The HAES Acronym Isn’t 'Healthy' At Every Size, Rather Health At Every Size
For those who may be unfamiliar or new to the HAES paradigm, this is an opportunity and invitation to learn! Health At Every Size means that we support ALL HUMANS in ALL BODIES in engaging in health promoting behaviors and that there are countless factors that influence an individual’s well-being. This means we are unable to tell how healthy someone is based on weight and size. Size discrimination often leads to ineffective (and often harmful) interventions rather than health promoting efforts. Additionally, this bias leads to missed diagnoses when a thin person ‘looks healthy’. We also never want to assumes that health is the most important thing that person *should* be pursuing, that health is even attainable for every human, or that a human is morally superior for choosing to pursue health.
You may be wondering, “But aren’t there weights that can indicate a person isn’t in good health? Such as an adult suffering from Anorexia Nervosa who appears emaciated or a person in a larger body who is unable to use the stairs?”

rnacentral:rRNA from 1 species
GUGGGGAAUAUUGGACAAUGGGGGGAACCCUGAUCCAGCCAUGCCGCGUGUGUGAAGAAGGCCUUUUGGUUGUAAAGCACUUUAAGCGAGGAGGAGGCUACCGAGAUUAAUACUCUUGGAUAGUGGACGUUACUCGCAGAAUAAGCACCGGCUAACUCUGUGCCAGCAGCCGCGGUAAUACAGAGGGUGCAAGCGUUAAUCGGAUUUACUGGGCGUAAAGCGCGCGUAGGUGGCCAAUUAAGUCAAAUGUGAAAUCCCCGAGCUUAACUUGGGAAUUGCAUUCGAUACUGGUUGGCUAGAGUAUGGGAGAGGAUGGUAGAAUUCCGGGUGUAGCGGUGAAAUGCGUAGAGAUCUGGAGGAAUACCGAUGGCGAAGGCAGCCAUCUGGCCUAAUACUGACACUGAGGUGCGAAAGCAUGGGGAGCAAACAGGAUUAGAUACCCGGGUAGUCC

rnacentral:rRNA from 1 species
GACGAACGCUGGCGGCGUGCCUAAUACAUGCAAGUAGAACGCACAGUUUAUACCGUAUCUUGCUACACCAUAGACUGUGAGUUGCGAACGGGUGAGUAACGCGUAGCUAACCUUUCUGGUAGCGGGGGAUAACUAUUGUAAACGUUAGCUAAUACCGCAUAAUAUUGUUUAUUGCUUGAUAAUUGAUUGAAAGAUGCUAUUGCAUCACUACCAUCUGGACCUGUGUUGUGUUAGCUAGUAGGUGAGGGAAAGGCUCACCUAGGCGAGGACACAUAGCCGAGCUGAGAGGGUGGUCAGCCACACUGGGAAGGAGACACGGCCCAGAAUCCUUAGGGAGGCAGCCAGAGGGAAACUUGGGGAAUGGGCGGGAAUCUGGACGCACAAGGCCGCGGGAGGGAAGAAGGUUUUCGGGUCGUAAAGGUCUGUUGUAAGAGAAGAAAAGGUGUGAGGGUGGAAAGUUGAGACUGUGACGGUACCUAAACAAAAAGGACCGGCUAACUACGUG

A: In putting the human before the specific weight, we are able to explore all of the factors that are affecting an individual’s well-being. In other words, we are able to see and treat the whole human. When we don’t put the weight first, we are able to investigate further, asking more questions, learning about their individual circumstances and can respect their wishes. This allows us to support people in making choices about their well-being instead of us telling them what to do. We approach care as a collaboration and as if we are wearing special blinders so appearance isn’t a factor. If we are wearing the blinders, we are forced to observe trends in how quickly weight may have been lost or gained, trauma and dieting history, behavior changes, details of their day to day life, their unique abilities, values, and so much more.
So the short answer is that both humans in the question above *could be* suffering from malnutrition, and if we put on our weight bias free blinders and do a thorough job of assessing, we will find out the status of their health and potential interventions from a place of collaboration instead of assumption.